The brain develops according to how it’s used

The brain develops according to how it’s used

The prefrontal cortex continues to develop rapidly in adolescence and into early adulthood, which is why Mark Twain said, “When I was a boy of fourteen, my father was so ignorant I couldn’t stand to have the old man around. But when I got to be twenty-one, I was astonished at how much the old man had learned in seven years.” Our brain develops according to how it’s used. Maturity in neuroscience terms means increased emotional self-regulation, good decision making, managing and overcoming challenges. This is when the prefrontal cortex is conscious of what you’re doing and in charge. And, to help develop this area of the brain the number one approach you can use is REFLECTION technique.

Craftsmanship mindset to develop self-awareness

In my previous article, I invited you to imagine children around the world as craftspeople rather than just children. I proposed teaching children to approach learning from a craftsmanship perspective, using among others the reflection technique. This way children focus on growth rather than achievement. Moreover, this help them develop besides self-awareness a growth mindset.

Craftsmanship is based on a number of skillsets that are not always the core focus of schools, but that are essential in life. Here is a very short list of those important skillsets:

having an inquisitive attitude to life,

locking your mind onto work and learning,

sticking with challenges that matter,

creatively exploring possibilities,

working things out with clarity and accuracy,

looking back at what you did and reflect upon own learning,

managing and controlling your own work,

accepting feedback without getting upset.

For children to be successful and happy learners, 3 different kinds of learning opportunities should be available. There must be knowledge to be accumulated, specific skills and techniques to be acquired, and more general attitudes and habits of mind to be formed. Traditional teaching doesn’t always produce this third set of outcomes nor does it focus too much not he reflection technique. As Sir Ken Robinson once said, “If you want to shift culture, it’s two things: its habits and its habitats—the habits of mind, and the physical environment in which people operate.”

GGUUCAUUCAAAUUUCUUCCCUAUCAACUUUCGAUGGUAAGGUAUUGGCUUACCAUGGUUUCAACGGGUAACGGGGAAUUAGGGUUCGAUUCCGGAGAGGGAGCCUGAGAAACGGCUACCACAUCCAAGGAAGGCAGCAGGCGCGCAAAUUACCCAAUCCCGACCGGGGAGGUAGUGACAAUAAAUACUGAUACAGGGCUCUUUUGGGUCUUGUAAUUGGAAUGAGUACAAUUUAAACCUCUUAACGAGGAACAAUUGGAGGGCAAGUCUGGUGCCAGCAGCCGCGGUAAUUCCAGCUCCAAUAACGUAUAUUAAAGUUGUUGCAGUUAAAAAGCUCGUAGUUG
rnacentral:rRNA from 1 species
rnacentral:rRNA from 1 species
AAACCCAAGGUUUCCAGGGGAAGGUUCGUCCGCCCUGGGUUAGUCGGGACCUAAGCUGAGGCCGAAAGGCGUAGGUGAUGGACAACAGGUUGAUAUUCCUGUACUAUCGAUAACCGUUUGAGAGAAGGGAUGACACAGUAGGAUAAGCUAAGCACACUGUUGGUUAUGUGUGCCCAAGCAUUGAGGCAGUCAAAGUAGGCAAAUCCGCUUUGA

In the classroom a craftsmanship mindset which is rooted in the reflection technique means children develop self-awareness, and they learn to think and talk about their own learning. This mindset and the range of tools associated with it builds their capacity for self-evaluation and self-correction, as well as their general awareness of what works and what doesn’t as far as their own learning is concerned. That self-awareness helps them to develop a calmer and more balanced attitude towards difficulties and mistakes. If children don’t panic when faced with challenges and mistakes, they are more open to advice about how to improve their work, which also builds their skills in giving feedback to others in a kind and helpful way.

In many schools, teachers see it as their job to provide feedback. We, at How People Learn, however, believe that children can do the diagnostic work for themselves, both individually and in collaboration. Thus, it’s our mission to design tools that can help teachers, parents and children develop the habits of the mind required to be successful lifelong learners. Learning to think and talk about their own learning gives children greater independence and confidence, as well as builds the number one brain muscle: REFLECTION. 

3 tools to help children use the reflection technique:

A 40-Card Deck for Reflective Thinking Routines